Her new book is the culmination of that philosophy. Everything in there will be comforting and familiar. The sumptuous pictures look just like their non-vegan originals, from crispy bacon and scrambled eggs to haggis, neeps and tatties. Coming up with these recipes wasn’t always an easy task, however, and took a great deal of experimentation and hard work. The trickiest one to get right, Aimee tells me, was the Yorkshire pudding.
‘I had a love-hate relationship with those Yorkshire puddings. I don’t know what it is. They have their own science. They’re very fickle… I finally got them where they emulated what I remember Yorkshire puddings being like, but it took a lot of experimenting. Instead of eggs, I use gram flour or chickpea flour. It gives it that slightly eggy texture. I don’t know what it is exactly. It creates that doughy but puffed up texture. It just works.’
It’s never been easier to be vegan
With books and blogs like Aimee’s, plant-based alternatives lining the supermarkets shelves and high-profile initiatives like Veganuary to give you the initial impetus, it’s never been easier to be a vegan. And perhaps more importantly, the image of veganism has changed. We discussed how certain methods of activism can actually put people off becoming a vegan.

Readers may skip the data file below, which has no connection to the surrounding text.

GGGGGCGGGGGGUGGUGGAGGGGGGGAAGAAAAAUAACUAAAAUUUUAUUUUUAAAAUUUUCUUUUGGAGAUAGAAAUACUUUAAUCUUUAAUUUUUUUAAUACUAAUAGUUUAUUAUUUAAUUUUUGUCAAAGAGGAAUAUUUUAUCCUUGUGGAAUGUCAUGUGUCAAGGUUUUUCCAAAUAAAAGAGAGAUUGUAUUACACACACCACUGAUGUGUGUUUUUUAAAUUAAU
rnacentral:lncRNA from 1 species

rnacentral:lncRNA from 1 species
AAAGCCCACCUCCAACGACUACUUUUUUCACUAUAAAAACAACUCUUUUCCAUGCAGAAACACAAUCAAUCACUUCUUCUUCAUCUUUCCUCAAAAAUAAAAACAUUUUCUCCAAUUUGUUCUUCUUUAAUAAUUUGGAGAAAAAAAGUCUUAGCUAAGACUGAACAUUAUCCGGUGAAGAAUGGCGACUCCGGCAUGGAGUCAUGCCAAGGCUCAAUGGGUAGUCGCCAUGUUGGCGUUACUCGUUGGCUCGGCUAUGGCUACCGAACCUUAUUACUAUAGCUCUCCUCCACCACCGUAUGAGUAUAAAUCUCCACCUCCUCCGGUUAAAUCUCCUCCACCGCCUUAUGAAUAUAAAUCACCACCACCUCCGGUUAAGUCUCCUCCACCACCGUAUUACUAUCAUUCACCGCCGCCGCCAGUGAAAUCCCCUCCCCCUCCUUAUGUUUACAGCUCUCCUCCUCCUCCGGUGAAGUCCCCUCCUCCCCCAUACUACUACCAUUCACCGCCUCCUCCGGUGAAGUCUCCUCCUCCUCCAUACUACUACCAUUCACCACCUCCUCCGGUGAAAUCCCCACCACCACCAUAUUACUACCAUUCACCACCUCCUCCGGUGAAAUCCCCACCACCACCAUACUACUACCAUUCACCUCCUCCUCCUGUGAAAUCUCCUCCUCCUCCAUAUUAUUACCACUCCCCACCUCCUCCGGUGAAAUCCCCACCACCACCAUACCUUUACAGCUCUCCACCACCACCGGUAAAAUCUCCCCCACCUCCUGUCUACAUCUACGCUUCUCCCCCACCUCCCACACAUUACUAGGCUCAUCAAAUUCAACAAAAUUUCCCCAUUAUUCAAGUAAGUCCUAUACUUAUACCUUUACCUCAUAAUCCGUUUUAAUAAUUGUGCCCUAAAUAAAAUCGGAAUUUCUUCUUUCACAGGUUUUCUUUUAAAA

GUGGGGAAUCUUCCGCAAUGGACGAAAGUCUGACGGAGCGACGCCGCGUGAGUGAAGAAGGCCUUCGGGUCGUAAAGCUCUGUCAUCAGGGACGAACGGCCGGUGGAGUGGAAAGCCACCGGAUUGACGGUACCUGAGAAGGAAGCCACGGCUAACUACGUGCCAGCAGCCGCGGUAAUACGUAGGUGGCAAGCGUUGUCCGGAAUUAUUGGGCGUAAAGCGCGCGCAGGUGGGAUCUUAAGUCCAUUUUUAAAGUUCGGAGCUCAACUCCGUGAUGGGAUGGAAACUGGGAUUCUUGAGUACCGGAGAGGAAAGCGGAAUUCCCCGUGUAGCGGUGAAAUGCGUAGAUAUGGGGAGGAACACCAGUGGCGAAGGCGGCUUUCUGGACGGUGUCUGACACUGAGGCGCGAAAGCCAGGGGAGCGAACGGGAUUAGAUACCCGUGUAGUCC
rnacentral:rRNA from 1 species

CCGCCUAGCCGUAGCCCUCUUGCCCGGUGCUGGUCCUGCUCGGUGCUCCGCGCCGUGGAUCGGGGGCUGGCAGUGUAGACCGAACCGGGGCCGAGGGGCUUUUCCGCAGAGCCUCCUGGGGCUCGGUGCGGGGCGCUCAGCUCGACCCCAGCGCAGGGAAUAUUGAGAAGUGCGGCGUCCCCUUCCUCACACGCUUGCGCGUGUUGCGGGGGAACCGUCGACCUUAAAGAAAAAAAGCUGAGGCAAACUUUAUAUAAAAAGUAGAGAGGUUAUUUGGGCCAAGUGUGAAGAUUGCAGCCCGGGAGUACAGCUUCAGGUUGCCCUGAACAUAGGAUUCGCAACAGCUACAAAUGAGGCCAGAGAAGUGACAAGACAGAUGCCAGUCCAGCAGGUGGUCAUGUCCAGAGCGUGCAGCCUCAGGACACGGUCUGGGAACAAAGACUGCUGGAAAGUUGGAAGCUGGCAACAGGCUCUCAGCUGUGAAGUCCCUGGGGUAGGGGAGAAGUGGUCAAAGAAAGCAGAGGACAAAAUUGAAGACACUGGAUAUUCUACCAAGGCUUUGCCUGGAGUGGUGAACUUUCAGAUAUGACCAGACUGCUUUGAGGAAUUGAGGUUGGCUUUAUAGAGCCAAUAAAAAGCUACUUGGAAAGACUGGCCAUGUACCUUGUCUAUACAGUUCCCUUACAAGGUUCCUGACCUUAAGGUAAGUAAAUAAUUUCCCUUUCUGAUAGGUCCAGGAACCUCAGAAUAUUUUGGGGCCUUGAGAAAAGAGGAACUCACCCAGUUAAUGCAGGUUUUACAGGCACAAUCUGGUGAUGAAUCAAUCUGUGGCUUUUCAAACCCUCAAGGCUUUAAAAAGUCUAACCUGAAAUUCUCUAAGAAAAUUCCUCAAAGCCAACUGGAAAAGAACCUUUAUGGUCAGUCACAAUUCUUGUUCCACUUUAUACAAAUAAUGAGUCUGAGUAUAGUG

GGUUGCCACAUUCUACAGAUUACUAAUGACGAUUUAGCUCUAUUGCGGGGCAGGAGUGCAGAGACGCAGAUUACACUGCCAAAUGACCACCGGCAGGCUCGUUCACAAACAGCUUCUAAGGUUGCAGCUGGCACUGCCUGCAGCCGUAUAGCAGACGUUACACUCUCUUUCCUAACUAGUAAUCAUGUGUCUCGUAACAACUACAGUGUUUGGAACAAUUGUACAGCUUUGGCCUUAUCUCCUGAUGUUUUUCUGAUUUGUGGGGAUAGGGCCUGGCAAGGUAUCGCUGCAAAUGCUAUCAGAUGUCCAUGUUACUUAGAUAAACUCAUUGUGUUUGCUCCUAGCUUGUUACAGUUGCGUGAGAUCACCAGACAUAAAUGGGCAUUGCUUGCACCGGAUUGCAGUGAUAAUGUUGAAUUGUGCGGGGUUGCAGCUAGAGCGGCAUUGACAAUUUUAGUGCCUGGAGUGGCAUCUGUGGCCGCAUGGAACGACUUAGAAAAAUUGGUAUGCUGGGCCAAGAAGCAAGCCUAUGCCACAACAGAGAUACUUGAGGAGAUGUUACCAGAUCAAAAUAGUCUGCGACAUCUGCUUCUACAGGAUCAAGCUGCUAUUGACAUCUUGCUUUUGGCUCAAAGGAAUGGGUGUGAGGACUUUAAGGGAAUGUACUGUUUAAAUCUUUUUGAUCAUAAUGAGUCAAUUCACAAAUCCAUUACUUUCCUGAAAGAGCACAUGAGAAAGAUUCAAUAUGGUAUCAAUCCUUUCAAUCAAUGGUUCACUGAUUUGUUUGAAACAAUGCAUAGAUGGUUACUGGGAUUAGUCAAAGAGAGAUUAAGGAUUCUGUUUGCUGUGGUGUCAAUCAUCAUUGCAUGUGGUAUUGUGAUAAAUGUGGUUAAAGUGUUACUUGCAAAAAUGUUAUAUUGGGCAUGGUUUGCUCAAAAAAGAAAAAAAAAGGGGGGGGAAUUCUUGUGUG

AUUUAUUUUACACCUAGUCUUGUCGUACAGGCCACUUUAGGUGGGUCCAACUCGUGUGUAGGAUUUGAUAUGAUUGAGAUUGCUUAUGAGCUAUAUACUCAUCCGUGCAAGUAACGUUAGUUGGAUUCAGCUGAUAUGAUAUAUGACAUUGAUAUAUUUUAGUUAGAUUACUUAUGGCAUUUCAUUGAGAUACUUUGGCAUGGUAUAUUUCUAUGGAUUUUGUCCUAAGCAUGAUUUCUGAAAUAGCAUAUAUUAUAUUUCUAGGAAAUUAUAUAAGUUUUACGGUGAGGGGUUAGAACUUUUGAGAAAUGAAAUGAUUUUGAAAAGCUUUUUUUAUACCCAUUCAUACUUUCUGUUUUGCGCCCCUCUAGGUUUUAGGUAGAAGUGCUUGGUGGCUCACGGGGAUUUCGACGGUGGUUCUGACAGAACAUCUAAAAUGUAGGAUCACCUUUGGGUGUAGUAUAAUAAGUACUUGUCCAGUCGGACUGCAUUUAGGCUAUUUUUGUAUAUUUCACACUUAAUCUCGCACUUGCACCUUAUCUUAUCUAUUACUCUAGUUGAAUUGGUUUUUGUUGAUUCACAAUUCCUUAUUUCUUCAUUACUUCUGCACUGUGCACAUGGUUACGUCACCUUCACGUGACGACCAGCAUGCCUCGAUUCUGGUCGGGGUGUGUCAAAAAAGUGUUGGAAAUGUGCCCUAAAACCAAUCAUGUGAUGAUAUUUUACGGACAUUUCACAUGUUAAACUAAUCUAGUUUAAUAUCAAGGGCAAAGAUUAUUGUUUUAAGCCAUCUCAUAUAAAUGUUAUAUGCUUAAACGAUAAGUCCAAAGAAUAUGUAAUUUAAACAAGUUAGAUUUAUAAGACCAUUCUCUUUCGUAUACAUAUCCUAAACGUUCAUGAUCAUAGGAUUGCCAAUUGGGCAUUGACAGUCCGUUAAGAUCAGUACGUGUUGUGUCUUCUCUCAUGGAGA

‘If someone told me not to eat meat and then showed me all this horrible footage, I would probably just want to shut down and not look at it, because it’s too aggressive. I prefer a gentler approach. That’s how I got into veganism. That’s my approach with other people as well. Obviously, I think activism is important; it’s just not my personal world.’
Veganism has become friendlier and more inclusive. Rather than violence and shouting in the streets, the message is more often spread by bloggers and writers like Aimee, in the form of, ‘these are the stats, this is what you can do to cut down on your meat and dairy consumption, and here are some nice things to replace the meat with.’ Of course, it needed the militancy of animal rights protestors to bring the cause into the social consciousness, but now, it feels like a critical mass has been reached and a tendency towards plant-based leaning diets can only continue to gain momentum.